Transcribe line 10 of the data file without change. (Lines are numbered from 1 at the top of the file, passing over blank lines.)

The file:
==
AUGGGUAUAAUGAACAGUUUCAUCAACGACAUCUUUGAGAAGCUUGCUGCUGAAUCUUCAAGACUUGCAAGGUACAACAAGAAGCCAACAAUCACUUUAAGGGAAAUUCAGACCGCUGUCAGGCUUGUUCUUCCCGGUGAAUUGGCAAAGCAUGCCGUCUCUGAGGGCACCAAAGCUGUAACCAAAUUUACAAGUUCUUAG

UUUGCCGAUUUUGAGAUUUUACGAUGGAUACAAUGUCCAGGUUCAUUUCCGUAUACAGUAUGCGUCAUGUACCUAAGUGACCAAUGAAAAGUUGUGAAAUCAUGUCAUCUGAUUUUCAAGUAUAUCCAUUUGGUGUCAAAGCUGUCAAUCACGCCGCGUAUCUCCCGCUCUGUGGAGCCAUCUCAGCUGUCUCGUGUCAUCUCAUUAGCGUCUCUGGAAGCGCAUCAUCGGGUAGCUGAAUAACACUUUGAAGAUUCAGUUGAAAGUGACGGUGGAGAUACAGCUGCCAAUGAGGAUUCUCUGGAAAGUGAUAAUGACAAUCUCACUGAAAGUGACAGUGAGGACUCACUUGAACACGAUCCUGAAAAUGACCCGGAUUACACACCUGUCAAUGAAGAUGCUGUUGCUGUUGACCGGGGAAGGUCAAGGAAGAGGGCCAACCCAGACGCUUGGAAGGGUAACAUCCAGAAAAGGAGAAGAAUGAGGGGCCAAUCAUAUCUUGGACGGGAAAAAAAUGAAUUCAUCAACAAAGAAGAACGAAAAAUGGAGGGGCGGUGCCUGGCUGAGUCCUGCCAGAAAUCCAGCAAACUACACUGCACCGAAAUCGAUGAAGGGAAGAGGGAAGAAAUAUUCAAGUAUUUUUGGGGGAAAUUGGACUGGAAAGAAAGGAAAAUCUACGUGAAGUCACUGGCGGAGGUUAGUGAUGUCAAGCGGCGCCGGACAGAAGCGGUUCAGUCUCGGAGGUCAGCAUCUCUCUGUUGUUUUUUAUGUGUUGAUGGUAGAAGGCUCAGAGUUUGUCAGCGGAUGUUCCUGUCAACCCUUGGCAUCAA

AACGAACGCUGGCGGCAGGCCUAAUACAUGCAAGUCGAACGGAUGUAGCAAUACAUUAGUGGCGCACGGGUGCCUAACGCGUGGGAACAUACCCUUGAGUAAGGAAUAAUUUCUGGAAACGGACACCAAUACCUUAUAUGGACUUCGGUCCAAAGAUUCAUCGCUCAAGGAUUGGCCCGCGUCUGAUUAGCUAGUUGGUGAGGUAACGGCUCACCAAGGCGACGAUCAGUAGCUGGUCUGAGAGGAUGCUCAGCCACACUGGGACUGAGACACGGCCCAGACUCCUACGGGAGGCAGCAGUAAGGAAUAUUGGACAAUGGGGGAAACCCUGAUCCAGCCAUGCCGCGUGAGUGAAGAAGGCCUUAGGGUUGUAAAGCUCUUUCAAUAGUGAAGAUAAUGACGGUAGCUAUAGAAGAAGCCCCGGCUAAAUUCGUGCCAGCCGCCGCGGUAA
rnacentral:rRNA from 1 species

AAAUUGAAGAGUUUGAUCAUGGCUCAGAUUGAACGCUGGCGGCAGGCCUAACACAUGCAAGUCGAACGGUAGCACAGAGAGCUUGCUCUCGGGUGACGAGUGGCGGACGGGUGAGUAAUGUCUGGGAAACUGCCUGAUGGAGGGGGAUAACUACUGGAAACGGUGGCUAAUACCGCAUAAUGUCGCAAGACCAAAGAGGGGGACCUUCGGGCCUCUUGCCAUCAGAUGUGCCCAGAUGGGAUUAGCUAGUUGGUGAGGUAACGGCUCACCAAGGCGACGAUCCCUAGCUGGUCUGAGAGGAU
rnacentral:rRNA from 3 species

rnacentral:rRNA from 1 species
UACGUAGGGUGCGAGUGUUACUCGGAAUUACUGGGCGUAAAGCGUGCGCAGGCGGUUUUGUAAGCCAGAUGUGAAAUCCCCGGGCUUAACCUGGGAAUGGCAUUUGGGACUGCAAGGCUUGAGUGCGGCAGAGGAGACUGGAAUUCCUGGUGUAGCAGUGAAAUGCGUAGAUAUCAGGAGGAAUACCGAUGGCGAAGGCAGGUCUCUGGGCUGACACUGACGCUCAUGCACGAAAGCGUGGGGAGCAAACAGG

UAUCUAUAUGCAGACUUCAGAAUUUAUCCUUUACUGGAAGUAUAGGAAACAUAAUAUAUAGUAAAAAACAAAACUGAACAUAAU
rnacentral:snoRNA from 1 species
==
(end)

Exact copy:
rnacentral:snoRNA from 1 species